Figure 6 illustrates a configuration of the flail assembly for use in connection with a log of smaller relative diameter when one or more chain links on the free end of one or more flail chains are damaged, broken or lost in operation of the flail assembly, or if it is desirable for another reason to replace flail chains 62 with shorter flail chains. As shown therein, six flail chains 68 of the second length which is less than the first length of flail chains 62, are attached to shaft 50, which is mounted for rotation with respect to the flail housing and the frame of the machine at upper vertical position Si. Each of flail chains 68 is comprised of eight chain links 64. Linear actuator 66, mounted between flail housing 52 and the machine frame, generates a linearly directed force of a magnitude that counterbalances at least a portion of the weight of the flail housing. Since the log being processed is of a relatively small diameter, the flail shaft is mounted at upper position Si, and the flail chains 68 are of the second length, adjustable support stop 54 is located at a lower position in order to prevent the flail chains from damaging other components of the machine as the flail assembly "floats" with respect to the surface of the log being processed.

Figure 7 illustrates a configuration of the flail assembly in which six flail chains 68 of the second length, each of which is comprised of eight chain links 64, are attached to shaft 50, which is mounted for rotation with respect to the housing at lower vertical position S 2 . Linear actuator 66 is mounted between flail housing 52 and the machine frame to generate a linearly directed force that counterbalances at least a portion of the weight of the flail housing. Since the log being processed is of a relatively large diameter, the flail shaft is mounted at lower position S 2 , and the flail chains 68 are of the second length, adjustable support stop 54 is located at a lower position in order to prevent the flail chains from damaging other components of the machine as the flail assembly "floats" with respect to the surface of the log being processed.

Figure 8 illustrates a configuration of the flail assembly for use in connection with a log of smaller relative diameter. As shown therein, six flail chains 68, each of which is comprised of eight chain links 64, are attached to shaft 50, with is mounted for rotation with respect to the flail housing and the frame of the debarking machine at lower vertical position S 2 . Linear actuator 66, mounted between flail housing 52 and the machine frame, generates a linearly directed force that counterbalances at least a part of the weight of the flail housing. Since the log being processed is of a relatively small diameter, the flail shaft is mounted at lower position S 2 , and the flail chains 68 are of the second length, adjustable support stop 54 is located at a lower position in order to prevent the flail chains from damaging other components of the machine as the flail assembly "floats" with respect to the surface of the log being processed.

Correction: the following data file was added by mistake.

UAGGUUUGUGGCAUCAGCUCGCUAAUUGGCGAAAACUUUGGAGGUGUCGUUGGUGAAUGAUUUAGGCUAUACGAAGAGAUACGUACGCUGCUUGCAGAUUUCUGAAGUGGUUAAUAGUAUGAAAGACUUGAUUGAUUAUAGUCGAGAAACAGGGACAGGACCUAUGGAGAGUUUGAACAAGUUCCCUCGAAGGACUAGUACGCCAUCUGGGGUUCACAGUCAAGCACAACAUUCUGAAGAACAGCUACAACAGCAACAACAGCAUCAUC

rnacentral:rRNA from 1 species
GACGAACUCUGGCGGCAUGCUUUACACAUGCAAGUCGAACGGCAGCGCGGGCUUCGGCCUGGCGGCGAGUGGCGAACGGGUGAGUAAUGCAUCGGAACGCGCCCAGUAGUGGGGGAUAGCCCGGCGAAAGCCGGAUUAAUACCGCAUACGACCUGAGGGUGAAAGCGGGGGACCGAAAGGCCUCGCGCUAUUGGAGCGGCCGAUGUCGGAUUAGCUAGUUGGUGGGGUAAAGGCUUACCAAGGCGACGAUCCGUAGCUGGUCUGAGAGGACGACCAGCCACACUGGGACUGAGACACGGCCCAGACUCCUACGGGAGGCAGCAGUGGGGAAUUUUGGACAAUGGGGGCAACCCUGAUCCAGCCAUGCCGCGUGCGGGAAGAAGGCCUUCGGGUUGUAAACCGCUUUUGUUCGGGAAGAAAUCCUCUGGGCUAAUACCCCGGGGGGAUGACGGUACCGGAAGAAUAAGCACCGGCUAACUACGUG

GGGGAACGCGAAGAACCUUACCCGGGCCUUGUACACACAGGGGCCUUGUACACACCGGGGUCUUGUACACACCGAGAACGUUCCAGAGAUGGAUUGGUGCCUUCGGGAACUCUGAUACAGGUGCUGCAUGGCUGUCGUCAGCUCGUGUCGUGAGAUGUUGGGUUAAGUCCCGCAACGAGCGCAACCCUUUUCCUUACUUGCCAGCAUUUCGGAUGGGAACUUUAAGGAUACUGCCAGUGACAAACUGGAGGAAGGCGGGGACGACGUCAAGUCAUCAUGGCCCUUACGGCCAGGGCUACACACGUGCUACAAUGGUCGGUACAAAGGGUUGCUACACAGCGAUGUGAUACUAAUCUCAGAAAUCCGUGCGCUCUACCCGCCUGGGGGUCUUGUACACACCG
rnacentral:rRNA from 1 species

The configuration of components shown in the drawings may also be employed with flail chains having lengths that are different from the first and second lengths described herein. Various flail assembly mounting configurations and/or the use of flail chains of different lengths may be employed to change the vertical location of the shaft of a flail assembly so that when the damaged chain links on the flail chains are removed, or shorter flail chains are substituted, the shortened free ends of the flail chains will extend as far or nearly as far as the free ends of the original (or undamaged) flail chains, or otherwise as far as is desired.

Although this description contains many specifics, these should not be construed as limiting the scope of the invention but as merely providing illustrations of the presently preferred

embodiments thereof, as well as the best mode contemplated by the inventors of carrying out the invention. The invention, as described and claimed herein, is susceptible to various

modifications and adaptations, as would be understood by those having ordinary skill in the art to which the invention relates.

What is claimed is: